Easter with the Johnsons was surprisingly chill; the egg hunting didn't happen until after lunch, so there wasn't too much insanity first thing in the morning. And I was so glad that lent was finally over and I was able to eat all the delicious components of Easter dinner and a few pieces of Easter candy. (HA! As if I lasted the duration of lent! I actually gave up on it about two and a half weeks in. Whoops.)

 My siblings sent me this photo in the morning as well. They missed me. Apparently it snowed it Maine on Easter? Sucks to suck, guys.

(In other news, today happens to be National Siblings Day. I'm really glad that these humans are my siblings even though I did move halfway across the country to get away from them.)

And there you have it, folks. My second Easter in Minnesota and my first day off in three months. Overall it was a pretty solid weekend.

Tuesday, March 24, 2015


It has been about six months since my last post which was about the fact that I'd lived in Minnesota for one year. Whoops. It seems that I'm always starting posts with an apology for their tardiness. It seems kind of lame, but what to do? 

Things haven't really slowed down since I became insanely busy after taking on a second job last July. I work seven days a week for months on end. I do have a FULL DAY OFF coming up soon- April 4th- the first of those since January. I've been planning some things that I want to do during that time.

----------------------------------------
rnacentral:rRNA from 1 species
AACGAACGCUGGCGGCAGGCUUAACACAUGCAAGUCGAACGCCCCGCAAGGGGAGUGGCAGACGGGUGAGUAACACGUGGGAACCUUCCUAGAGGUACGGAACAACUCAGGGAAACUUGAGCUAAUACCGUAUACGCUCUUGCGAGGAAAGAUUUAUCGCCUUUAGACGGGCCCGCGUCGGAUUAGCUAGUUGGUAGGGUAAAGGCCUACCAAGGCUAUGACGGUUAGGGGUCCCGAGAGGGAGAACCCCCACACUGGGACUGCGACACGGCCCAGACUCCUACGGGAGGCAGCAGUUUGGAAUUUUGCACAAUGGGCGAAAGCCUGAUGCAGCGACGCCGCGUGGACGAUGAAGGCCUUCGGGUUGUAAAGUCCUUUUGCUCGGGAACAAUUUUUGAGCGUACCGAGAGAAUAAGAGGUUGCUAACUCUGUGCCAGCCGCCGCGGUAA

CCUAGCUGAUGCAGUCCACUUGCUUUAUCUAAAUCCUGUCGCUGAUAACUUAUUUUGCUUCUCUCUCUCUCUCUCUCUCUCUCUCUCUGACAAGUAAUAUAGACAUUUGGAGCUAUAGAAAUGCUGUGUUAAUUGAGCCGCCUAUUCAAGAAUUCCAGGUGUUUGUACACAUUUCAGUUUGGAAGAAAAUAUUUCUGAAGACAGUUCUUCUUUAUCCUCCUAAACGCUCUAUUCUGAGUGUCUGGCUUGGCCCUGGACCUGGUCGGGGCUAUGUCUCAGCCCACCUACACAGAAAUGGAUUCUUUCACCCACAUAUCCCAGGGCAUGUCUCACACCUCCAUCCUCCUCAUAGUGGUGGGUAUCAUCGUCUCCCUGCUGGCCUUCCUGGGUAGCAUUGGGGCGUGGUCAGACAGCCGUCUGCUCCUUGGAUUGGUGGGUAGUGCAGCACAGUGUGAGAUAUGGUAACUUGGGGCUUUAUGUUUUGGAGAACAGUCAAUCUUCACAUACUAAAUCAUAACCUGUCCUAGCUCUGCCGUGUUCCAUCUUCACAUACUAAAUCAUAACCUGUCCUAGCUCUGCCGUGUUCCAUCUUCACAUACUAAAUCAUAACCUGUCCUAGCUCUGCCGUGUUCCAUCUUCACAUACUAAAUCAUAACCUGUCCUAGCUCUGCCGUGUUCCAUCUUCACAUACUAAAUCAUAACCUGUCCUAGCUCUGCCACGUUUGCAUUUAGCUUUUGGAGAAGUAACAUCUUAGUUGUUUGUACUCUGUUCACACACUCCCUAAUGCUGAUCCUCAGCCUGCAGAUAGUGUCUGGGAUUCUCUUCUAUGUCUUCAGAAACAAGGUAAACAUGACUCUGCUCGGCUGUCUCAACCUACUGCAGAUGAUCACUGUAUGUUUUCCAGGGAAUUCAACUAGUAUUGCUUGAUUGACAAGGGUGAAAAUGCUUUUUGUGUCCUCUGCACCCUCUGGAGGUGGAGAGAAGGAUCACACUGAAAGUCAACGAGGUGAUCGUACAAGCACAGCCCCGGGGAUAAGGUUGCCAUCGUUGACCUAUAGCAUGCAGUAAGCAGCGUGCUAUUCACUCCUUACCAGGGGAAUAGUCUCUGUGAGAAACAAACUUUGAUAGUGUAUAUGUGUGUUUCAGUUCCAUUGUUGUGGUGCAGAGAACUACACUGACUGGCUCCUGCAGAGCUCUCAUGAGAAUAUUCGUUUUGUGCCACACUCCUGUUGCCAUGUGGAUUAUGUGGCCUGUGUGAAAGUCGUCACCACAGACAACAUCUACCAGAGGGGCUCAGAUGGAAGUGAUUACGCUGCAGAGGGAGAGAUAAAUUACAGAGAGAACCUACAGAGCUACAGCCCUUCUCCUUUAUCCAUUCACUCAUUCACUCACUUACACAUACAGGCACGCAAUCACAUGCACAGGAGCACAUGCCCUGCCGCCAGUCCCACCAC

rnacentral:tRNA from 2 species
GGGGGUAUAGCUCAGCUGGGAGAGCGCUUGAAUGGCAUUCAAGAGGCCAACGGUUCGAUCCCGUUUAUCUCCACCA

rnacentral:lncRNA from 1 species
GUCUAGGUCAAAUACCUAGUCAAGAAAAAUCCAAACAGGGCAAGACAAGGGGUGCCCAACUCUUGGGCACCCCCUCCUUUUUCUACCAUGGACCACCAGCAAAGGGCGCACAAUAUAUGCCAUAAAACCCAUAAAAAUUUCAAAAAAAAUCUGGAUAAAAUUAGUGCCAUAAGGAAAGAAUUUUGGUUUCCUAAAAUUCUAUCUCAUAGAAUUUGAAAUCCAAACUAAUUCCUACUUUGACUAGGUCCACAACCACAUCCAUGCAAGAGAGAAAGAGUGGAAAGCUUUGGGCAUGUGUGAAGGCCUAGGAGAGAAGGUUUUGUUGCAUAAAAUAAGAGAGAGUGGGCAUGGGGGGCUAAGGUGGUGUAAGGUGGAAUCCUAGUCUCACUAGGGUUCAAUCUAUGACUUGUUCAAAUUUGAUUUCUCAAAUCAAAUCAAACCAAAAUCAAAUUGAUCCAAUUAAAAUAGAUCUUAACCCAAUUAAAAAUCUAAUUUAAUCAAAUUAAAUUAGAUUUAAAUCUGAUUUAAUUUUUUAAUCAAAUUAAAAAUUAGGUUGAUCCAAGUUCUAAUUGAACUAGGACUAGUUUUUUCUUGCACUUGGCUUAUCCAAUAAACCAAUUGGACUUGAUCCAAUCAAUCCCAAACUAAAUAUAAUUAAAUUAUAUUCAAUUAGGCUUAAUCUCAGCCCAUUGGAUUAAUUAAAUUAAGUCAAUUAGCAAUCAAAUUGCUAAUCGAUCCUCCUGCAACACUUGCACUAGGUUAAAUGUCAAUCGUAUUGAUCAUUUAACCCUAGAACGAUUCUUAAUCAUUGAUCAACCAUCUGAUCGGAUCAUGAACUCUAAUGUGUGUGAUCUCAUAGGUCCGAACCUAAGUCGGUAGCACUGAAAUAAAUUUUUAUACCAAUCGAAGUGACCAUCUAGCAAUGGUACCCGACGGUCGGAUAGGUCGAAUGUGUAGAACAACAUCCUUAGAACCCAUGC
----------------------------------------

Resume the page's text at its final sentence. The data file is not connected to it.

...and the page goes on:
Otherwise, life has been the same old, same old. I wake up distressingly early and bake food items. I have a few hours of down time before driving to the suburbs to help the Johnson crew with their day-to-day. I spend most Friday afternoons through Sunday nights there as well. It's starting to get exhausting. I'm looking forward to this summer when I'll get one (or possibly even two!?) full day(s) off every week. It'll come soon enough. Before that, I'll be flying to the East coast for two weddings and road tripping Southwest for a third. It's going to be a busy Spring! 

Meanwhile, I've been reading lots of books. (You can check out what I'm currently reading here.) I sometimes discuss them with others, particularly three of the four former Minnows, who have joined me for a Harry Potter Book Club that meets weekly via Skype. 

Harry Potter Book Club members (excluding the second from right) c. 2010.
It's been interesting. I've been listening to the books on cd in my car, which I'd never done before. I've found that when I pick up the physical book and start reading where Jim Dale's narration had left off, I get much more "into it." I like audiobooks just fine, but I think that my deep connection with the Harry Potter books is dependent on the narration my brain has provided for the past fifteen years without Dale's inflection.

I've been talking with some people lately about blogs, blogging, writing, etc. and have concluded that I really want a blogging constancy that I've never managed to maintain. My daily grind is still daunting, and shows few signs of lessening in the next few months, but I hope to be back soon. At the very least I should be able to post when the wedding rush is over. Here's hoping!